Formed in 2013 by four childhood friends, Hooton Tennis Club is a melodic, witty, poetic and somewhat wonky quartet. With their intriguing pop music, Ryan Murphy, James Madden, Harry Chalmers and Callum McFadden are gaining a strong following. We had a chance to sit down with Hooton Tennis Club and chat about their latest track ‘Monsoon Runoff’, discovering new music and more.
Why did you decide to enter the music industry?
I don’t think it was a conscious decision. In our case, it was quite organic. In our early twenties, we put out some EPs, played a show, then signed to Heavenly Recordings for two albums and toured. You grow up aspiring to be in the music industry, but soon find out it’s this weird little industry and not an attainable business at all. It’s about as real as the Ninja Turtles.
Can you tell us about the music video for ‘Monsoon Runoff’?
It’s a song about travel and discovery inspired by books about pirates and treasure Ryan read as a child. We met pre-lockdown and spoke about making a really simple stop animation for it. As it goes, James found the time to execute it during lockdown.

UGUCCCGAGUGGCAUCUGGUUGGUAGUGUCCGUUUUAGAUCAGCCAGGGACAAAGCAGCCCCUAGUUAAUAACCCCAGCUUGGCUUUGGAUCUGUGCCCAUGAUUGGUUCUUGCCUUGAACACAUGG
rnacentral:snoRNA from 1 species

What was the recording and writing process like?
We recorded this one a while back. Harry dug it out and remixed it. We all like that it had a while to mature – a few years of time and grit like a fine whisky. As we had a break it feels like a link back in a positive way to our old selves. Tagging it with our other new song ‘People Want People Who Want People’ felt like the right thing to do.
Does the single have any significant meaning for you?
I guess. As I said above, it’s a link back to ourselves and an engine for more music.
What do you hope people take from your music?
I guess what we all seek from music – inspiration, joy, fun, melody, questions, answers, abstraction, distraction.
What is more challenging for you – melody or lyrics?
Lyrics. Weaving words to form stories or describe a feeling can be tricky. Some song births are painful; others just fall out gracefully. Every single one is different.
How would you describe your sound?
‘Crispy’, maybe. ‘Pop’, another. ‘Crispy pop’ perhaps? Back in the day we would have said, ‘sloppy and shiny’.
What do you think is the best way to discover new music?
Through friends at get-togethers, films or your favourite musicians sharing songs.
What does the future hold for Hooton Tennis Club?
Currently cooking more new music up and shows next year (fingers crossed).
Do you have a message for our readers?
Did you know camels milk doesn’t curdle?